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**Risk and term structure of interest rates**

Fundamentals of Finance – Lecture 5

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**Risk Structure of Interest Rates**

Bonds with the same maturity have different interest rates due to: Default risk Liquidity Tax considerations In our supply and demand analysis of interest-rate behavior, we examined the determination of just one interest rate. Yet we saw earlier that there are enormous numbers of bonds on which the interest rates can and do differ. Now, we complete the interest-rate picture by examining the relationship of the various interest rates to one another. Understanding why they differ from bond to bond can help businesses, banks, insurance companies, and private investors decide which bonds to purchase as investments and which ones to sell. We first look at why bonds with the same term to maturity have different interest rates. The relationship among these interest rates is called the risk structure of interest rates, although risk, liquidity, and income tax rules all play a role in determining the risk structure. A bond’s term to maturity also affects its interest rate, and the relationship among interest rates on bonds with different terms to maturity is called the term structure of interest rates. In this lecture we will examine the sources and causes of fluctuations in interest rates relative to one another and look at a number of theories that explain these fluctuations.

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**Long-Term Bond Yields, 1919–2011**

This Figure shows the yields to maturity for several categories of long-term bonds from 1919 to It shows us two important features of interest-rate behavior for bonds of the same maturity: Interest rates on different categories of bonds differ from one another in any given year, and the spread (or difference) between the interest rates varies over time. The interest rates on municipal bonds, for example, are above those on U.S. government (Treasury) bonds in the late 1930s but lower thereafter. In addition, the spread between the interest rates on Baa corporate bonds (riskier than Aaa corporate bonds) and U.S. government bonds is very large during the Great Depression years 1930–1933, is smaller during the 1940s–1960s, and then widens again afterwards. We can observe similar patterns during the last financial crisis that started in What factors are responsible for these phenomena? Sources: Board of Governors of the Federal Reserve System, Banking and Monetary Statistics

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**Risk Structure of Interest Rates (cont’d)**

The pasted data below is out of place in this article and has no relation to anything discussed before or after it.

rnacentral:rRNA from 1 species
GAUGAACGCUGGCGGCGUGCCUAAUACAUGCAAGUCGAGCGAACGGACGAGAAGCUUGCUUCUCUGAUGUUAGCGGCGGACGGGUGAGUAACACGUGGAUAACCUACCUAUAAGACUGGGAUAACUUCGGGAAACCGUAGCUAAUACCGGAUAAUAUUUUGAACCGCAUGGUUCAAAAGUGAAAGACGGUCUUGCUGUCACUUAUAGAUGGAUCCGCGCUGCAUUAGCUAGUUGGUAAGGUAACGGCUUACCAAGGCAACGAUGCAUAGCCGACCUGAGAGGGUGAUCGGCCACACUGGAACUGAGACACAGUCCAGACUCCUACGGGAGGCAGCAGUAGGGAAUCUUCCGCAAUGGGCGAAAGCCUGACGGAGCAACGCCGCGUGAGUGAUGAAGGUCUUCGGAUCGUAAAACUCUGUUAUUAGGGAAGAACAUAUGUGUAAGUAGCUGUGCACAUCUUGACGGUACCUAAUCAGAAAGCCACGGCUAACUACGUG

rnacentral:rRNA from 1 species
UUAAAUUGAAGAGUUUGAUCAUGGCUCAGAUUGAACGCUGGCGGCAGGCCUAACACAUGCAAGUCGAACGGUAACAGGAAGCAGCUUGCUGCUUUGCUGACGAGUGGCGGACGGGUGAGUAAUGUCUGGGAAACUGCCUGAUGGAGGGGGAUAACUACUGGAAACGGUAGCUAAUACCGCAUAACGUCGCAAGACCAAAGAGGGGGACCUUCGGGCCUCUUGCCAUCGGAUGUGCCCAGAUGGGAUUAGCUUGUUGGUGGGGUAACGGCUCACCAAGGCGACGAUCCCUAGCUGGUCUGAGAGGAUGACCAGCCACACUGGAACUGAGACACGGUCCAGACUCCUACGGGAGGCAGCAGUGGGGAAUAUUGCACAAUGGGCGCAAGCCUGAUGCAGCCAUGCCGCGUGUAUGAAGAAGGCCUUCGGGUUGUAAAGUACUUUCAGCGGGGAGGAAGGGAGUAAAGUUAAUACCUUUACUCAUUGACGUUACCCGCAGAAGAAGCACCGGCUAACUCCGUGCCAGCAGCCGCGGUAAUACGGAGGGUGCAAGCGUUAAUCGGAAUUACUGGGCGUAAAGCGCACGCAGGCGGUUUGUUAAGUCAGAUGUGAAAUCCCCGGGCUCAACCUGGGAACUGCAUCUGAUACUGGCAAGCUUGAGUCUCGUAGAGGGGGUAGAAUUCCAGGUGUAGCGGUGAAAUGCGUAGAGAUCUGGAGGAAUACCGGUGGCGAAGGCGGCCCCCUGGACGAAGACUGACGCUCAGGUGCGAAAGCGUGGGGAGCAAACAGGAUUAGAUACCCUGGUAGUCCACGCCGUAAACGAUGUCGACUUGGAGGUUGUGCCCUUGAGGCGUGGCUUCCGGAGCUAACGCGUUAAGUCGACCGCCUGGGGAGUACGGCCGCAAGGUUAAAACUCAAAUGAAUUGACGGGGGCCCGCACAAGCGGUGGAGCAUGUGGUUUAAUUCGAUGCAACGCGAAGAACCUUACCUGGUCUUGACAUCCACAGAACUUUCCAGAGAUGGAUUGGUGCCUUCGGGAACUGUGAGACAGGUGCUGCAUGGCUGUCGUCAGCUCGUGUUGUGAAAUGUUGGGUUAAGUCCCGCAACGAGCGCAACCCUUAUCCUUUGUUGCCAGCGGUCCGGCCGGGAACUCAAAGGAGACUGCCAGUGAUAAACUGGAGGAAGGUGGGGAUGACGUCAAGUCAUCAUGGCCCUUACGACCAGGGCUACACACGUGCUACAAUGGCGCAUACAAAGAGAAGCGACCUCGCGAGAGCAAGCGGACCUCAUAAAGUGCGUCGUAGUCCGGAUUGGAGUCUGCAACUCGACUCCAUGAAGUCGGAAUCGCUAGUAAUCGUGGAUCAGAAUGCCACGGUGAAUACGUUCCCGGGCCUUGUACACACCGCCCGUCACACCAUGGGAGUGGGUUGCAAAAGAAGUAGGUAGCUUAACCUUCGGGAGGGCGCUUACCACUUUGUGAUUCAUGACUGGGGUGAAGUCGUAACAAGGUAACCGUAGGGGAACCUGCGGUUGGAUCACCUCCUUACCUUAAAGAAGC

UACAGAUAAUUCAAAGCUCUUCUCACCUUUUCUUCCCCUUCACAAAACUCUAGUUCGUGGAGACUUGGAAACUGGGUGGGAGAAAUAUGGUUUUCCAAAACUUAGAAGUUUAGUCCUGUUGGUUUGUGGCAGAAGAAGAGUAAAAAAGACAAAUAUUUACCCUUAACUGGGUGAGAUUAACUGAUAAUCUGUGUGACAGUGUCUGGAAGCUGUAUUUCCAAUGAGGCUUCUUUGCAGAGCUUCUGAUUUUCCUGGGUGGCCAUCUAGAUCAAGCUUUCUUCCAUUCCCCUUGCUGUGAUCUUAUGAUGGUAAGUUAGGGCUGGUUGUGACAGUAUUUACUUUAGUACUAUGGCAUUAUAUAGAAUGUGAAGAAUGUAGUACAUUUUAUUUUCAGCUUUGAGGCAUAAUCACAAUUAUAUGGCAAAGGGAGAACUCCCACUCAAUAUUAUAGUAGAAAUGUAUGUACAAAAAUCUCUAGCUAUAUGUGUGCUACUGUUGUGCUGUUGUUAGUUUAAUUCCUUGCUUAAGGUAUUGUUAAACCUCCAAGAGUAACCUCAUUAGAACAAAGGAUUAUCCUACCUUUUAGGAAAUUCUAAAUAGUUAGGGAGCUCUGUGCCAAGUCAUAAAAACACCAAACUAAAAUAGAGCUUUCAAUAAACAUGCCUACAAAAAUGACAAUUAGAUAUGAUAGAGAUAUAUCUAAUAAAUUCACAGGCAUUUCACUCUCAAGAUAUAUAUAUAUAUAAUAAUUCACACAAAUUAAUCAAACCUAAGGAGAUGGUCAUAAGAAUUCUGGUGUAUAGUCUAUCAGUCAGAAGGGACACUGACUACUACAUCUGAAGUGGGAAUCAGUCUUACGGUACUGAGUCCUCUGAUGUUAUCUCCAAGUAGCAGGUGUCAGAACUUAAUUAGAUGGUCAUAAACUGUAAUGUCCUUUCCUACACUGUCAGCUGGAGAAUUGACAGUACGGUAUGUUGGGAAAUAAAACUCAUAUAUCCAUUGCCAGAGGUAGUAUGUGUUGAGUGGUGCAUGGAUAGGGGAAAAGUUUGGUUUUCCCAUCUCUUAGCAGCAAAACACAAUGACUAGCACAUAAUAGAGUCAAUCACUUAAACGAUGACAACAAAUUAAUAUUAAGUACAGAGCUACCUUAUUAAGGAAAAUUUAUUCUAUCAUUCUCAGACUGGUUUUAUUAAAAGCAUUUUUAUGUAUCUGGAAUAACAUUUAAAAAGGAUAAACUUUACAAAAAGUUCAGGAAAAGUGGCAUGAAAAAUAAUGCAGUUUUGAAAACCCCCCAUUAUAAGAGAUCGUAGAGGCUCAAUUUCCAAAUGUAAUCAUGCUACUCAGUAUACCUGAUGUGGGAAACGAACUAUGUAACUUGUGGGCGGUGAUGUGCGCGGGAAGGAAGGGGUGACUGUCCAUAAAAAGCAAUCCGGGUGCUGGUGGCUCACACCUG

Default risk: probability that the issuer of the bond is unable or unwilling to make interest payments or pay off the face value Treasury bonds are considered default free (government can raise taxes). Risk premium: the spread between the interest rates on bonds with default risk and the interest rates on (same maturity) Treasury bonds Default risk: One attribute of a bond that influences its interest rate is its risk of default, which occurs when the issuer of the bond is unable or unwilling to make interest payments when promised or pay off the face value when the bond matures. A corporation suffering big losses might be more likely to suspend interest payments on its bonds. The default risk on its bonds would therefore be quite high. By contrast, Treasury bonds have usually been considered to have no default risk because the government can always increase taxes to pay off its obligations. Bonds like these with no default risk are called default-free bonds. (However, during the budget negotiations in Congress in 1995 and 1996, the Republicans threatened to let Treasury bonds default, and this had an impact on the bond market, as one application following this section indicates.) The spread between the interest rates on bonds with default risk and default-free bonds, called the risk premium, indicates how much additional interest people must earn in order to be willing to hold that risky bond. Our supply and demand analysis of the bond market can be used to explain why a bond with default risk always has a positive risk premium and why the higher the default risk is, the larger the risk premium will be.

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**Response to an Increase in Default Risk on Corporate Bonds**